The undersecretary of the Army has directed a complete review of the service’s electronic warfare capabilities, DefenseScoop has learned.
In what is called a capability portfolio review, Gabe Camarillo has directed the Army to examine potential gaps and priority investments in its electronic warfare portfolio.
“Undersecretary Camarillo directed a review of the Army’s position within the Department of Defense’s electronic warfare efforts to identify gaps, priorities and investment opportunities,” an Army spokesperson told DefenseScoop. “As the Army shifts its focus from counterterrorism to large-scale combat operations, we will continue to assess and invest in capabilities to ensure the service effectively supports the Joint Force in any contingency operation.”
Following the Cold War and during the counterterrorism fight, the Army – along with much of the joint force – divested much of its electronic warfare capabilities. During those counter-insurgency fights, the Army used blunt jamming tools to thwart improvised explosive devices, which, in turn, inadvertently jammed friendly systems.
In the years since Russia first entered Ukraine in 2014, the Army has been rapidly seeking to modernize its arsenal to keep pace with Russia and other advanced actors across the world who have seized on America’s divestment in the spectrum and sought to bolster their own prowess and capabilities.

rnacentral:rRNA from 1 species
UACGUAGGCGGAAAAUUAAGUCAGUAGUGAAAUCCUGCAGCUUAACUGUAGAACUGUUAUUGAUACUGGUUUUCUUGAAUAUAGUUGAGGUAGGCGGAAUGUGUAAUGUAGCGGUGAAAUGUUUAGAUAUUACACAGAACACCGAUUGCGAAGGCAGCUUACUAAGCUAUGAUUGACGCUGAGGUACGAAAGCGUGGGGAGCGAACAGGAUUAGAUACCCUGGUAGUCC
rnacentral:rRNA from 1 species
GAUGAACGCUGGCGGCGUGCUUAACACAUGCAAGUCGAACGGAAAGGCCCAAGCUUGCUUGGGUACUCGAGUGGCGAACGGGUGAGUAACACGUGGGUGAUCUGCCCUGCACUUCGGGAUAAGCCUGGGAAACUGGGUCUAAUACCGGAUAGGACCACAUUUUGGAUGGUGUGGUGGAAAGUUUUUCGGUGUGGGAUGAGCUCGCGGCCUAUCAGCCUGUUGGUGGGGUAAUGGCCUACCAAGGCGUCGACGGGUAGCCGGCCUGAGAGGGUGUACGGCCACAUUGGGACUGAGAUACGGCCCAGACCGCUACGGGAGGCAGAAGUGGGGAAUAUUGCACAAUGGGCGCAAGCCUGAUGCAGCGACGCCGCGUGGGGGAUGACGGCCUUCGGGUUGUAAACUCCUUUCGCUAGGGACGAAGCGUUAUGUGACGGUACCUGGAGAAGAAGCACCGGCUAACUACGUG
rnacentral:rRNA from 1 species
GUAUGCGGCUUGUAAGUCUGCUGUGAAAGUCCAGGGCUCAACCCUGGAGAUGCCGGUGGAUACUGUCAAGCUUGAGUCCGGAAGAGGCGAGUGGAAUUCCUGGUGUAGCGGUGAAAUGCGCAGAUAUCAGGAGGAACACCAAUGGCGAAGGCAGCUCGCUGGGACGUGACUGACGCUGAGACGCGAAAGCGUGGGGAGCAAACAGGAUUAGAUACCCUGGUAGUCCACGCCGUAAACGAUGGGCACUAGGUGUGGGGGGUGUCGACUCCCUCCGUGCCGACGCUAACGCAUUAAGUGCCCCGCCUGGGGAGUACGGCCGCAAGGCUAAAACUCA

Camarillo has previously explained that electronic warfare “is something that definitely keeps me up at night.”
To keep pace with adversaries, Camarillo has stressed the need to embrace open systems, which will enable the Army to be able to rapidly update capabilities as threats present themselves and rapidly integrate them on platforms.
“What I was also impressed by was really the adoption of the CMOSS open systems architecture approach for all of our capabilities in the portfolio. I think that really unlocks limitless potential,” he told reporters last year, referring to the Army’s Command, Control, Communications, Computers, Cyber, Intelligence, Surveillance, Reconnaissance (C5ISR)/Electronic Warfare Modular Open Suite of Standards. “To me, it is a challenge in the future, not just in terms of providing the defensive and offensive capabilities, but also integrating them onto the wide range of platforms that the Army has.”
The Army currently has no fielded program-of-record jammers – relying for years on quick reaction capabilities developed to address capability gaps in Europe. It is working to develop a bevy of capabilities to include airborne platforms as well as vehicle-mounted and dismounted systems that span the tactical sphere as well as long-range. Despite taking several years of development, with program-of-record systems slated to field in the next year, Camarillo told reporters he is largely pleased with the Army’s progress but noted that there is more work to do, adding “there’s always room for us to improve the speed and acceleration at which we can turn out capabilities.”
The Army is also undergoing what is known internally as the 120-day study initiated by the principal cyber adviser to examine funding and resourcing priorities for cyber capabilities along with other information-related systems including electronic warfare. The study aims to examine capabilities, policies, formations and concepts to inform future investments.
Camarillo along with the vice chief of staff previously directed a capability portfolio review of the Army’s network with similar aims to the electronic warfare examination. That review studied requirements and capabilities to get a handle on what the Army was prioritizing and investing in to make better-informed decisions in the future.